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When You Are Weary / Sixth Sunday after Pentecost

Matthew 11:25-30

28Come to Me, all who labor and are heavy laden, and I will give you rest.29Take My yoke upon you, and learn from Me, for I am gentle and lowly in heart, and you will find rest for your souls.30For My yoke is easy, and My burden is light.”

One of the amazing facts about people is how alike we are. We share the same hopes and dreams, likes and dislikes. Even in a world of almost 8 billion people, there are certain universal things that most people agree on.

To prove this, I’m going to read a series of statements. If you agree that a statement is true in your life, raise your hand. Or maybe don’t.

Here’s the first one: I’m a really good singer in the shower or in my car.

Here’s the second: My pet understands me when I talk to it.

Or: my pet is smarter than the average person.

Or how about this one? I punch the elevator button more than once, even when I know it won’t do any good.

When driving, I turn down the car stereo so I can see better.

Calories don’t exist on birthdays or holidays.

And here’s the final one: Everyone needs a nap sometimes.

Isn’t it reassuring to know that we all agree on certain vital issues?

In our Bible passage this morning from Matthew 11, Jesus addresses another issue almost all of us can agree on: we’re weary and heavy burdened. And we need relief.

A mom from New Mexico wrote to Reader’s Digest to share her preschooler’s advice for dealing with one of the major stresses in life–work.

When her mom said she was too busy with work to play right now, her preschooler replied, Mom, I have advice for you. When people tell me to do work, I don’t listen to them. Then I don’t have work to do. It works for me. You should try it. That child may be a genius, but something tells me real life doesn’t work that way.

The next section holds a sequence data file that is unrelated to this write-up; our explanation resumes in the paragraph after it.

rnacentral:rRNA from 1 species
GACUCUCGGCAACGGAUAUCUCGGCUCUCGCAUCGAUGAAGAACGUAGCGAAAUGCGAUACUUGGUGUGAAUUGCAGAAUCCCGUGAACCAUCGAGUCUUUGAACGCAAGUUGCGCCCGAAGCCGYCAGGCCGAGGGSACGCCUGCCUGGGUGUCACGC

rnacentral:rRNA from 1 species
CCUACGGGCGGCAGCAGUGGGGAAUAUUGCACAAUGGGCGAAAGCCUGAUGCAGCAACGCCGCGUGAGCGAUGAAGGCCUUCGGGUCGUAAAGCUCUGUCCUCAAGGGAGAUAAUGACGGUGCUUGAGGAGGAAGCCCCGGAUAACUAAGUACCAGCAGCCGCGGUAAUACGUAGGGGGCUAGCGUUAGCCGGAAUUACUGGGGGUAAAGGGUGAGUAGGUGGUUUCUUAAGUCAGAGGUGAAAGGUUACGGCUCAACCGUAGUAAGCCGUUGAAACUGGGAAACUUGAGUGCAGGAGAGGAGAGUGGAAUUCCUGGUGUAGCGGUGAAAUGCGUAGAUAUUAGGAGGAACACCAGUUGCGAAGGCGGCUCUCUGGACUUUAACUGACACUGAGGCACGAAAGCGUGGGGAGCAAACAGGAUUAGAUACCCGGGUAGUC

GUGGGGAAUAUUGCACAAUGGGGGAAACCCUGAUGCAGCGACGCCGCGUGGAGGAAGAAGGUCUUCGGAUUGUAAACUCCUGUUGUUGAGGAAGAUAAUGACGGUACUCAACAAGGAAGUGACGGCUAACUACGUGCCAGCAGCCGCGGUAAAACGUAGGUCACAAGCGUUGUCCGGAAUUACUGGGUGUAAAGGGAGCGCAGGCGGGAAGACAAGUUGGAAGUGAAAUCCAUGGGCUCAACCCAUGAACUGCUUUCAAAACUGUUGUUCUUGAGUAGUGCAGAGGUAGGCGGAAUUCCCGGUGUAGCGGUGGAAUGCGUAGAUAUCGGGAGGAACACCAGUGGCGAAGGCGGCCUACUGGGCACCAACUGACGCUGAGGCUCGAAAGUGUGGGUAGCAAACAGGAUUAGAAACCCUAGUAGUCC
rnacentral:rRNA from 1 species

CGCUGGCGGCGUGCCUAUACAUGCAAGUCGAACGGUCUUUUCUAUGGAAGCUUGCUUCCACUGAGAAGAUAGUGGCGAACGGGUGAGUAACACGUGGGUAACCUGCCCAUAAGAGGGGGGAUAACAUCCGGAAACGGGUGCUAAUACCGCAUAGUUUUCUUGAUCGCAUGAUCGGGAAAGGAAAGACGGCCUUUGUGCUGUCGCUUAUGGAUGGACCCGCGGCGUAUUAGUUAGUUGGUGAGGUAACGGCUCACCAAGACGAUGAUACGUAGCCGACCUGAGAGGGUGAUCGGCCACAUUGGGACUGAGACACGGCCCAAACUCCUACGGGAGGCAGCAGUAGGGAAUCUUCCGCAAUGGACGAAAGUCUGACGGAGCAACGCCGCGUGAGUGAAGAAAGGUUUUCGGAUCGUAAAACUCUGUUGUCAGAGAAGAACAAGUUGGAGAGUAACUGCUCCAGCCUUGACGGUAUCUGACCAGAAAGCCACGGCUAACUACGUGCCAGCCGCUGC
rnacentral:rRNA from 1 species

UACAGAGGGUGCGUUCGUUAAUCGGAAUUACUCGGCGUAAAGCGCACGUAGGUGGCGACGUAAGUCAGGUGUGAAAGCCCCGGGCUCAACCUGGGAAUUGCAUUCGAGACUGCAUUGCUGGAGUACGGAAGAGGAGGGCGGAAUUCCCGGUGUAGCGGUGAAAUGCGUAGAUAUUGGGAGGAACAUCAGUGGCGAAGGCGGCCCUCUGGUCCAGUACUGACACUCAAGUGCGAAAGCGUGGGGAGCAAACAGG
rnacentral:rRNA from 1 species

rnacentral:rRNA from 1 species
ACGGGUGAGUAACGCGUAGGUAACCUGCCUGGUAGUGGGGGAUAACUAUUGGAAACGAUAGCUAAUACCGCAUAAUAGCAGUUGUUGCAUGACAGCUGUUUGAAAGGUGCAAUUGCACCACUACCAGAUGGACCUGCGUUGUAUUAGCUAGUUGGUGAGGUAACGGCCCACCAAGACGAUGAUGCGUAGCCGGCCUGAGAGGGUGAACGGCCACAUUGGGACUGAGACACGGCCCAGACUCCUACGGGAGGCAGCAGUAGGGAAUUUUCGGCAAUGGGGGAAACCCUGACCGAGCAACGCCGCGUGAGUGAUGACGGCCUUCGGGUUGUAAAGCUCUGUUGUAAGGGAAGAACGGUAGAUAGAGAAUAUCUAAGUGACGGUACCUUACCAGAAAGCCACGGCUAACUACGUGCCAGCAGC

There has never been a time in human history when people have lived stress-free lives. But the accumulated, unrelieved stress that many of us experience in our daily lives makes us particularly weary. It becomes a physical, mental, and spiritual burden. And we complain, why can’t my doctor help me with my fatigue?

The Commissioner of the Medical Board of California was responsible for giving oral examinations to young doctors who were applying for their California medical license. He says he was surprised how few of them realized that fatigue is commonly caused by stress. In almost every exam, the young physicians gave him a list of physical illnesses caused by fatigue, but almost no one suggested stress as a source of that fatigue. Doctors are still being taught the disease/drug equation; for every disease there is a drug or will be soon. But we already have something more powerful than any drug ever devised, and it’s exactly tailored to our needs; [it’s] our spirit. Unleashed, the spirit can be a whirlwind of health, happiness, and success in life. When your spirit is weak you are filled with pessimism and gloom; you feel small and helpless; you wonder if it’s possible to find any joy in life.

I believe that he may be on to something very real and very promising, but how do we unleash our spirit? The answer can only be found in the One who created our spirit. So, the answer begins with giving our weariness to Jesus.

That brings us to our text for today. I want us to hear these words as the average Jewish citizen in Jesus’ day might have heard them. Because I think we’ll discover that their burdens were like ours. They faced all the normal burdens we face daily financial strain, family issues, health concerns. Plus, they were burdened by the demands of a legalistic religious system that convinced them they could never do enough to be righteous in God’s sight. So, their religious life may have been a source of guilt and stress, too. And then, imagine their relief, and their wonder, when they hear Jesus say, Come to me, all you who are weary and burdened, and I will give you rest.

This is more proof to me of the awesome and gracious relationship God has with us. This relationship is not a one-way street. And we don’t have to bring our “best selves” to God. We can bring our weary, anxious selves to Him and exchange our burdens for His rest. The Greek word used in verse 28 for “give you rest” is also translated as “refreshed.” Have you ever been so weary that even sleep and down-time don’t restore your energy? The rest Jesus is offering us is true refreshment, where body, mind and soul are energized, restored, and at peace.